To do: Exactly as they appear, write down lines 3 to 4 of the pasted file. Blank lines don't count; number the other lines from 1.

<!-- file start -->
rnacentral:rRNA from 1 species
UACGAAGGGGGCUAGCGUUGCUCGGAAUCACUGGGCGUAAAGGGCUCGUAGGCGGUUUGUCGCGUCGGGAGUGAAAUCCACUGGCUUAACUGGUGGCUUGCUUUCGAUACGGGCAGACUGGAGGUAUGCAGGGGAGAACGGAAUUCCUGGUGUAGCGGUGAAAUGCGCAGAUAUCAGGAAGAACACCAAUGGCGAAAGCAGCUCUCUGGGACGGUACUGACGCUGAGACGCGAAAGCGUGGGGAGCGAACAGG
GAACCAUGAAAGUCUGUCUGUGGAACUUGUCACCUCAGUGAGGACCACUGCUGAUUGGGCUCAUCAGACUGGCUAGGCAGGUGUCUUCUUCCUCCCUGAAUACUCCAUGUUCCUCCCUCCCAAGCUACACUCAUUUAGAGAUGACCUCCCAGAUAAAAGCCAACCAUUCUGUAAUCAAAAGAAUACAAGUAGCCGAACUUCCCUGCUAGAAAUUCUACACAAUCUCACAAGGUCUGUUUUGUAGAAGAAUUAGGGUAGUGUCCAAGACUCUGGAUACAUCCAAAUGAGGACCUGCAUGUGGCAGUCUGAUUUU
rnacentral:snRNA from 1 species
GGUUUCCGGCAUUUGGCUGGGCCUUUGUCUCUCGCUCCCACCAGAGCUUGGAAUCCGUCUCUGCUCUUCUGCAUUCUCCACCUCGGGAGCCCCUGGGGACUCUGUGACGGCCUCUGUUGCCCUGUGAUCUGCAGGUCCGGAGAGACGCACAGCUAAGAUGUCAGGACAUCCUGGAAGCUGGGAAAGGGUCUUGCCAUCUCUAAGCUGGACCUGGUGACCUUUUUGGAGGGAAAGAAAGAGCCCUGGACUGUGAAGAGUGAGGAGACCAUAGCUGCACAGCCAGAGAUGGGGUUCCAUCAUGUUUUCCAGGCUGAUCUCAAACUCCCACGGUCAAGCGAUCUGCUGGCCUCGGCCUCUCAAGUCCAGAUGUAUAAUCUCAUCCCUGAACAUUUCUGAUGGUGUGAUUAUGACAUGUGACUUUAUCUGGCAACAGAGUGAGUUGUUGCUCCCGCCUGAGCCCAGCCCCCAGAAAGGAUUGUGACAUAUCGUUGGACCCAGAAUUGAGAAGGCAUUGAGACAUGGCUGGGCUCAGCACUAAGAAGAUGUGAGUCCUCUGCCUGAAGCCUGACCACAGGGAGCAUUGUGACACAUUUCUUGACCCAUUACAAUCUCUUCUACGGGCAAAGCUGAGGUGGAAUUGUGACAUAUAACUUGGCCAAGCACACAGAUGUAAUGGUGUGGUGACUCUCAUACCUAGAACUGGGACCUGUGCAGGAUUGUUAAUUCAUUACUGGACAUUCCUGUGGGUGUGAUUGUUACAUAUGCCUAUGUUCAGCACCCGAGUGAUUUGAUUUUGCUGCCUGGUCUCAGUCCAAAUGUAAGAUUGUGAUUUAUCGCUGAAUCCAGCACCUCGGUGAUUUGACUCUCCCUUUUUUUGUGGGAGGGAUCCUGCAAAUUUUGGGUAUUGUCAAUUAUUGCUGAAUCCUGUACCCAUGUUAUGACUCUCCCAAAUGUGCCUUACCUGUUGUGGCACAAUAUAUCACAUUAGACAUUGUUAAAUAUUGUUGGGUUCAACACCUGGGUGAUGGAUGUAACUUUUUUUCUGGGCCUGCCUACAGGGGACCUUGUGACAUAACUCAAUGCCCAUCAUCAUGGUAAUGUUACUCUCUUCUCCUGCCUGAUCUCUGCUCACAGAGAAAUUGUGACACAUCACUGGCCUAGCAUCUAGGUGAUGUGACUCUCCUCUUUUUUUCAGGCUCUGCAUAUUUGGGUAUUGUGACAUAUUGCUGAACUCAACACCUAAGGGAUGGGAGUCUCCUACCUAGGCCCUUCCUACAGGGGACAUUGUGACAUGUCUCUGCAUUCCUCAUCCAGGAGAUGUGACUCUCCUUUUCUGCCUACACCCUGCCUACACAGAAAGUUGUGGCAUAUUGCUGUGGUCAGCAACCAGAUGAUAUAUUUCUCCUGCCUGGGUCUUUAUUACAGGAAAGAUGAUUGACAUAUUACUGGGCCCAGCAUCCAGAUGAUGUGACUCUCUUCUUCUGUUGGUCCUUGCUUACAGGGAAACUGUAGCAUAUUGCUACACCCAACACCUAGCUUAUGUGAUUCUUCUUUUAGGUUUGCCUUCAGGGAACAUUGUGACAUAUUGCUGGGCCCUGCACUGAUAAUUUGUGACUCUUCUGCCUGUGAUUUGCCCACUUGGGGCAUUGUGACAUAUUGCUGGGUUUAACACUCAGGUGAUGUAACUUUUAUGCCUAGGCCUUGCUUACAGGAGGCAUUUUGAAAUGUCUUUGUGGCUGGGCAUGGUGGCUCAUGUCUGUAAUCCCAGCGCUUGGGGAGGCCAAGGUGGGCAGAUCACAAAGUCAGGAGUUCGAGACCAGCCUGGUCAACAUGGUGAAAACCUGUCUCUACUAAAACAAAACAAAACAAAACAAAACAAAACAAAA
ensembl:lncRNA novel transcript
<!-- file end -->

GAACCAUGAAAGUCUGUCUGUGGAACUUGUCACCUCAGUGAGGACCACUGCUGAUUGGGCUCAUCAGACUGGCUAGGCAGGUGUCUUCUUCCUCCCUGAAUACUCCAUGUUCCUCCCUCCCAAGCUACACUCAUUUAGAGAUGACCUCCCAGAUAAAAGCCAACCAUUCUGUAAUCAAAAGAAUACAAGUAGCCGAACUUCCCUGCUAGAAAUUCUACACAAUCUCACAAGGUCUGUUUUGUAGAAGAAUUAGGGUAGUGUCCAAGACUCUGGAUACAUCCAAAUGAGGACCUGCAUGUGGCAGUCUGAUUUU
rnacentral:snRNA from 1 species